3. Lambin, X. et al. (1998) a study of spatial dynamics in field voles provided one of the first demonstrations of robust travelling waves in animal populations, and his follow-up work refined these predictions, providing a remarkable level of quantitative detail (MacKinnon et al. 2001). In combination with novel statistical developments (Bjornstad et al. 1999), this established that model predictions of complex spatial patterns in natural enemy/host systems are much more than a mathematical curiosity, providing long awaited support for a key aspect of the theory on trophic interactions in space. His work in this area is absolutely fundamental to the recent, rapid expansion in the understanding of spatiotemporal dynamics in ecology. Since 1997, Lambin has led the collection of data on cyclic field voles in Kielder Forest (Scotland-England border), which is now one of the world’s most comprehensive spatiotemporal data sets for rodent populations.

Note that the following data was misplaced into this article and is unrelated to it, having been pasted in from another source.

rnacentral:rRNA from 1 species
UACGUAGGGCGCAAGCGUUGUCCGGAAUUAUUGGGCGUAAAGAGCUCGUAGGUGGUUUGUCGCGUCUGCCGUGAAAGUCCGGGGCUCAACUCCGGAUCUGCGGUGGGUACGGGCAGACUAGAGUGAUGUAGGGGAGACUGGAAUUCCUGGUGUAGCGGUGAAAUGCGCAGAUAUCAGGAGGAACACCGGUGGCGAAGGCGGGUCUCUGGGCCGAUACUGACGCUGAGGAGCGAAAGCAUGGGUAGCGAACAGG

4. X. Lambin has made major contributions to the understanding of the dynamics of pathogens in natural populations. He has collected and analysed unique data, and has explored theoretically the interactions between seasonality in reproduction and empirically, the impact on host reproduction and survival of pathogens such as vole tuberculosis, cowpox, and blood parasites (Cavannagh et al 2004, Burthe et al 2007; 2008). In particular, this work provided crucial field evidence of delayed density dependence in zoonotic diseases.
5. X. Lambin’s work on dispersal has provided one of the clearest demonstrations to date of the dual impact of inbreeding avoidance and local competition on individual dispersal decisions. As such, it has been highly significant in clarifying the drivers that underpin this key demographic process (Lambin 1994; Lambin et al 2001).
2011 - Maclagan Travel Grant. Royal Society of Edinburgh
2008 - Limits of life history adaptation to environmental changes with tawny owls. NERC
2008 - Plant herbivore interaction and silica induction by grazing NERC
2008 - Interacting impacts of land use and climate changes on ecosystem processes: from cyclic herbivores to predators of conservation concern. NERC
2007-2009 Overcoming the compensatory response of an invasive predator NERC partnership grant (PDRA Dr Matt Oliver)
2007-2008 Reproductive Strategies in a cyclic environment. with Dr Alex Millon (PDRA) and Steve Petty. NERC